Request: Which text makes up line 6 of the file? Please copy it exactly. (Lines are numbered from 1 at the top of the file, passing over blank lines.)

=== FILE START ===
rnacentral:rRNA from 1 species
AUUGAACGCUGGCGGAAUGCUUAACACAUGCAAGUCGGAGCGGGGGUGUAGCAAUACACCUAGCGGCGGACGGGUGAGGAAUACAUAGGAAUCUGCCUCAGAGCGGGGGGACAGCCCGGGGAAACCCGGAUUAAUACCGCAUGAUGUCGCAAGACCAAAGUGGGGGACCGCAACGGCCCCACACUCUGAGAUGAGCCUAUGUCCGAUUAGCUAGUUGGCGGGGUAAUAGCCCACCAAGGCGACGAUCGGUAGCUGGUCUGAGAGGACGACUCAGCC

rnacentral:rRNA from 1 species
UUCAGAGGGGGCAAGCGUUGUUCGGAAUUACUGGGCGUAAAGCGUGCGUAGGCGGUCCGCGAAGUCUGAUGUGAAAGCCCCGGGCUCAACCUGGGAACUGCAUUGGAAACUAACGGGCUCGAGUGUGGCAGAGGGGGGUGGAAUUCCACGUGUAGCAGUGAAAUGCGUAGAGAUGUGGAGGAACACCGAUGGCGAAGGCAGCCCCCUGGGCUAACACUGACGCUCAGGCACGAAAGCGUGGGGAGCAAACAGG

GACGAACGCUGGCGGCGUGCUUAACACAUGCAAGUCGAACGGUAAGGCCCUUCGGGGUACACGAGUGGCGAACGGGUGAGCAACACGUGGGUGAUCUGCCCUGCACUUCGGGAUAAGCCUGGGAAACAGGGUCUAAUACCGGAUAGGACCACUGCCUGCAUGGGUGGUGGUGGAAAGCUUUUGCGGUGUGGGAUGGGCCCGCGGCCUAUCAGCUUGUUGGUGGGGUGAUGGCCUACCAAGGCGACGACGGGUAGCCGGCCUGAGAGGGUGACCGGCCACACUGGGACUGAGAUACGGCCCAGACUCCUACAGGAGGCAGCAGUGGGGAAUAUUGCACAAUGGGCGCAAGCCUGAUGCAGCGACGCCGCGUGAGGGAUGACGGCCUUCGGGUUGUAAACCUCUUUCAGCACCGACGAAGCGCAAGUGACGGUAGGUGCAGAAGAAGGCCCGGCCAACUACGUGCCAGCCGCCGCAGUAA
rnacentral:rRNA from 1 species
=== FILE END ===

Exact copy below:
rnacentral:rRNA from 1 species